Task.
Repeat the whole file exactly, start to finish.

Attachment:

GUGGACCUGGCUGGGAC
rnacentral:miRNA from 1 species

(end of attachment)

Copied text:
GUGGACCUGGCUGGGAC
rnacentral:miRNA from 1 species